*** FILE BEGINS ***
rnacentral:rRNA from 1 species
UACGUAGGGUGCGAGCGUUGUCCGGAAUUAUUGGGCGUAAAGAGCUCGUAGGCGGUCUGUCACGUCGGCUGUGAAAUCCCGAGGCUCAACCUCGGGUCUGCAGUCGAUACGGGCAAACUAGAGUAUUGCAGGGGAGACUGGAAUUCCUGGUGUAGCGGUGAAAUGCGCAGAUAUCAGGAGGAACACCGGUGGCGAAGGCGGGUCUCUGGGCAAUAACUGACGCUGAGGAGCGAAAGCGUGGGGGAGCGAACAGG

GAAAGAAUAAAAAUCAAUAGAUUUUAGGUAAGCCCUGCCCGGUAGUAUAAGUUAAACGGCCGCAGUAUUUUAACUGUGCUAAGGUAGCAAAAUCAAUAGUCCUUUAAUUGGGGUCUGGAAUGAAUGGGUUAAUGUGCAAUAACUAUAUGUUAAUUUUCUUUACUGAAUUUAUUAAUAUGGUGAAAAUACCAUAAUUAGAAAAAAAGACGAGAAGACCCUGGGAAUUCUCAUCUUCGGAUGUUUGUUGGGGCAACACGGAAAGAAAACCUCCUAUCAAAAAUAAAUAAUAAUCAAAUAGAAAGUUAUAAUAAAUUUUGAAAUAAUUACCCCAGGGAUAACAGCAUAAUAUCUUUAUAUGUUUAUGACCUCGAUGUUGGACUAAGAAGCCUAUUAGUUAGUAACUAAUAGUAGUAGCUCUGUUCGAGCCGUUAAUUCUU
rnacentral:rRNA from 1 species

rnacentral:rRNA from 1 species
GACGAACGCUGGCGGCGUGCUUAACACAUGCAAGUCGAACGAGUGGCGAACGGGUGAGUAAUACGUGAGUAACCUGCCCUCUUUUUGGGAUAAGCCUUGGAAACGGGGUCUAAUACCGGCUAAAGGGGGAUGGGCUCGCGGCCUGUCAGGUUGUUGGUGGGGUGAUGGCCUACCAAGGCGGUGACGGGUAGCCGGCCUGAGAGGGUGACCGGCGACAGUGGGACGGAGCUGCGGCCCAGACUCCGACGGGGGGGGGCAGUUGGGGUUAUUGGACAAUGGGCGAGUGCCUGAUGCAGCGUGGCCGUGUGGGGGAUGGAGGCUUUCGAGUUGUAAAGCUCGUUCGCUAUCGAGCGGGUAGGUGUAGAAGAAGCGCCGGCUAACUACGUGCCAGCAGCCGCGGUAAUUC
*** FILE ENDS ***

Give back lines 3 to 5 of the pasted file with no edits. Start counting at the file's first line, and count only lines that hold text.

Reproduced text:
GAAAGAAUAAAAAUCAAUAGAUUUUAGGUAAGCCCUGCCCGGUAGUAUAAGUUAAACGGCCGCAGUAUUUUAACUGUGCUAAGGUAGCAAAAUCAAUAGUCCUUUAAUUGGGGUCUGGAAUGAAUGGGUUAAUGUGCAAUAACUAUAUGUUAAUUUUCUUUACUGAAUUUAUUAAUAUGGUGAAAAUACCAUAAUUAGAAAAAAAGACGAGAAGACCCUGGGAAUUCUCAUCUUCGGAUGUUUGUUGGGGCAACACGGAAAGAAAACCUCCUAUCAAAAAUAAAUAAUAAUCAAAUAGAAAGUUAUAAUAAAUUUUGAAAUAAUUACCCCAGGGAUAACAGCAUAAUAUCUUUAUAUGUUUAUGACCUCGAUGUUGGACUAAGAAGCCUAUUAGUUAGUAACUAAUAGUAGUAGCUCUGUUCGAGCCGUUAAUUCUU
rnacentral:rRNA from 1 species

rnacentral:rRNA from 1 species